Since the last time I was here, I am now in a new decade! I observed my 30th birthday and as usual, I went to my favorite store…

And I just went on Wednesday too! My Uncle came up to visit and brought me to the store. SO thrilled. You can imagine who isn’t too thrilled. My poor bookshelf. I have no room on it as it is, so I’m being forced to be creative until I can get a new one or a bigger one. It’s kind of fun to experiment, however, to see how I can fit them all in. I almost view it as being a form of Tetris. (Which is my favorite game!)

What do you guys do when your bookshelf is getting too full? Do you buy another shelf? Donate some old ones to make room for new? Or do you look on Pintereste for some new interesting solutions. I’ve been eyeballing ‘invisible’ shelves but I’m not quite sure if that’d work in my room. I’m going to figure something out because earlier this year I donated a  lot of books to the local DAWN center, where domestic violence victims stay. I would have given them to Goodwill but I thought this was a far more pleasant thing. I also donated to my local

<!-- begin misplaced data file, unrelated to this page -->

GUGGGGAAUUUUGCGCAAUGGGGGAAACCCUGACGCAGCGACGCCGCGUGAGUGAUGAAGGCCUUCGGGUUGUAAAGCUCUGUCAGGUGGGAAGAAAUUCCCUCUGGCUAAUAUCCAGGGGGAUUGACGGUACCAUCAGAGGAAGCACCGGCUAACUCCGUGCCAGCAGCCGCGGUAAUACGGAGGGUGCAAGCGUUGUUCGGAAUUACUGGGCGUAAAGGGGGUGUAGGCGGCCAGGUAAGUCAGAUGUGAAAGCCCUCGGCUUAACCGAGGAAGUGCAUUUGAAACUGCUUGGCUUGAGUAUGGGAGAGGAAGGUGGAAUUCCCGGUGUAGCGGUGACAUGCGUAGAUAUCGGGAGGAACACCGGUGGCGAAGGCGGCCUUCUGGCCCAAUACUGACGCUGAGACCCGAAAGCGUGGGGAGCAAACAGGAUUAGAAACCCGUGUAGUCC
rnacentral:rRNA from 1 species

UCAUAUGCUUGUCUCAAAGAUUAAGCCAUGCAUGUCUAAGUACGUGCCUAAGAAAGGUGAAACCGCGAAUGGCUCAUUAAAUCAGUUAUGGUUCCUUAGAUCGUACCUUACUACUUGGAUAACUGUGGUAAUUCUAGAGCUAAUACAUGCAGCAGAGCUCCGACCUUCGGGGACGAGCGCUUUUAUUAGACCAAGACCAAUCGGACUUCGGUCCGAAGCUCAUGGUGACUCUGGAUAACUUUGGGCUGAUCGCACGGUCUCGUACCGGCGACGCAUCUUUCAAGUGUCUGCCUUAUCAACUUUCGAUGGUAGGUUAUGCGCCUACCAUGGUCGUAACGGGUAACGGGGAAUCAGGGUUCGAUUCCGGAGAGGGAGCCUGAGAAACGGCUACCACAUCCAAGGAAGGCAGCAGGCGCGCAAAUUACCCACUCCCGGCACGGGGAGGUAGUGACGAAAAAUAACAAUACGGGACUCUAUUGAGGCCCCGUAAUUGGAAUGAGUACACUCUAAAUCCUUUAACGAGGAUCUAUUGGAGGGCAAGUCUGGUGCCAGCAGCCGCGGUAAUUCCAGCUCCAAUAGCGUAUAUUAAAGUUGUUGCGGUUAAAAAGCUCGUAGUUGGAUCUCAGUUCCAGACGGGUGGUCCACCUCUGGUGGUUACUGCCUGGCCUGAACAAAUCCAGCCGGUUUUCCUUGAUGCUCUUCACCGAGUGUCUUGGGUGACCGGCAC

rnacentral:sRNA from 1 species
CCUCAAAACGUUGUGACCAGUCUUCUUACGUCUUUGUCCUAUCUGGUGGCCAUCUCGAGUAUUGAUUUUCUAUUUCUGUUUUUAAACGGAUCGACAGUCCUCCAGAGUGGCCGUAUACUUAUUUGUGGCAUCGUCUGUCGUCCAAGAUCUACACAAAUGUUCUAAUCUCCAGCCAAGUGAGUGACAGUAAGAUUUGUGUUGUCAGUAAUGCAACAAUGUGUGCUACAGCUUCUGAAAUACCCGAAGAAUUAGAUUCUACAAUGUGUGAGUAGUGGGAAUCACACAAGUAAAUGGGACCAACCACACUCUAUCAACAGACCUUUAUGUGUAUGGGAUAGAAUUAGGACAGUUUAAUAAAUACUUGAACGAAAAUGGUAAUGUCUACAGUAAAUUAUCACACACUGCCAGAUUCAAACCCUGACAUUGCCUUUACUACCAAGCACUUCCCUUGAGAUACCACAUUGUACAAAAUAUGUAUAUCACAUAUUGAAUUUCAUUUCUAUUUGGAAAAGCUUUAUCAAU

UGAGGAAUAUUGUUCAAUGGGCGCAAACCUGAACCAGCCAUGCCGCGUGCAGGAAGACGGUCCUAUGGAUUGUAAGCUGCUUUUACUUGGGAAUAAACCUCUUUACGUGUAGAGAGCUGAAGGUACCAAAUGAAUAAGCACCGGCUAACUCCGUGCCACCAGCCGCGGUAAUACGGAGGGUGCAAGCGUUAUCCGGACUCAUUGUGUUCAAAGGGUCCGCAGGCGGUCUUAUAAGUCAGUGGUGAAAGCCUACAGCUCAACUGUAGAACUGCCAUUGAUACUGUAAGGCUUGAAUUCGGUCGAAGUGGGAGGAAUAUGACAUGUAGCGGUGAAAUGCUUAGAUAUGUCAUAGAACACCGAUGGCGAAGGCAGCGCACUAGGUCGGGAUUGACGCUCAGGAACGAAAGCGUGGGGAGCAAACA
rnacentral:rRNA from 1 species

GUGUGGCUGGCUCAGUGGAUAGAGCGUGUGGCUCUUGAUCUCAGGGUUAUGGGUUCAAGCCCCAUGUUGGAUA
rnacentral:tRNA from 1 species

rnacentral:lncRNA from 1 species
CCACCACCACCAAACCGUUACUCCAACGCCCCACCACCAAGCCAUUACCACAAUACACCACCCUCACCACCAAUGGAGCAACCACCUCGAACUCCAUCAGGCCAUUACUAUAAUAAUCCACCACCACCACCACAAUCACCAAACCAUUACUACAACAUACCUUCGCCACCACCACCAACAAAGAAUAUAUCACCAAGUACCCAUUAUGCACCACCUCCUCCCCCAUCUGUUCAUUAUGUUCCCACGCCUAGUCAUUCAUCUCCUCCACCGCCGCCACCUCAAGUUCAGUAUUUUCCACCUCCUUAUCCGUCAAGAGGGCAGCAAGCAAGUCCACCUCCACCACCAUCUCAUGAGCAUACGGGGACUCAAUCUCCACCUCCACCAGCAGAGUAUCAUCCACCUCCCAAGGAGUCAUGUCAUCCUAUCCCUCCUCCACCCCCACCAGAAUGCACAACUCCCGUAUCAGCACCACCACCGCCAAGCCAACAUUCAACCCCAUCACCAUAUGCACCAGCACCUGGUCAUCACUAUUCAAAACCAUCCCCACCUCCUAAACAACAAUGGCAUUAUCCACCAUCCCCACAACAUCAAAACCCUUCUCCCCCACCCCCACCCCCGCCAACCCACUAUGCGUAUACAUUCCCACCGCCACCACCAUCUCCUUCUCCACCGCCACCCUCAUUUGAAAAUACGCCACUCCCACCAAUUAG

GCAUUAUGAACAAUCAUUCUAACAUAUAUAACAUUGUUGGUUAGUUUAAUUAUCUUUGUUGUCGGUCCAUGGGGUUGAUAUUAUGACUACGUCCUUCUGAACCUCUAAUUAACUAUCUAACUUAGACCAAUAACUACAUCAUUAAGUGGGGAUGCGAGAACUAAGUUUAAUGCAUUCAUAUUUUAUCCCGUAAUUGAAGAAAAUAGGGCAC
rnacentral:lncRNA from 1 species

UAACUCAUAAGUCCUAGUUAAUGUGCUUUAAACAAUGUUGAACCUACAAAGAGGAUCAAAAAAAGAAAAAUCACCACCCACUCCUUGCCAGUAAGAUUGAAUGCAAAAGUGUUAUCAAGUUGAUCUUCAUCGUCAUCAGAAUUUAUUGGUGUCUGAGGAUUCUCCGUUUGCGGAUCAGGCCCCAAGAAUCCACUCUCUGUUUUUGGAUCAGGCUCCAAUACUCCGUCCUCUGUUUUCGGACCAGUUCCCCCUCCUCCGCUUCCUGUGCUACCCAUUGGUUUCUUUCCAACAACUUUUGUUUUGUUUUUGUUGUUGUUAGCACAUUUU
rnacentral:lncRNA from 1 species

library. 🙂

What have you guys been reading? I’m always up for new suggestions and I’d love to hear what you’re all reading. Please stay tuned as I get set up again, finding new subscribers, new friends, old friends and so forth. As I said, I’m also looking for new books to review. I’ve found myself enjoying YA fiction, but I do ponder, am I too old for it? Or is it silly to wonder such a thing if I’m enjoying what I’m reading? This is my struggle, ya’ll. Haha.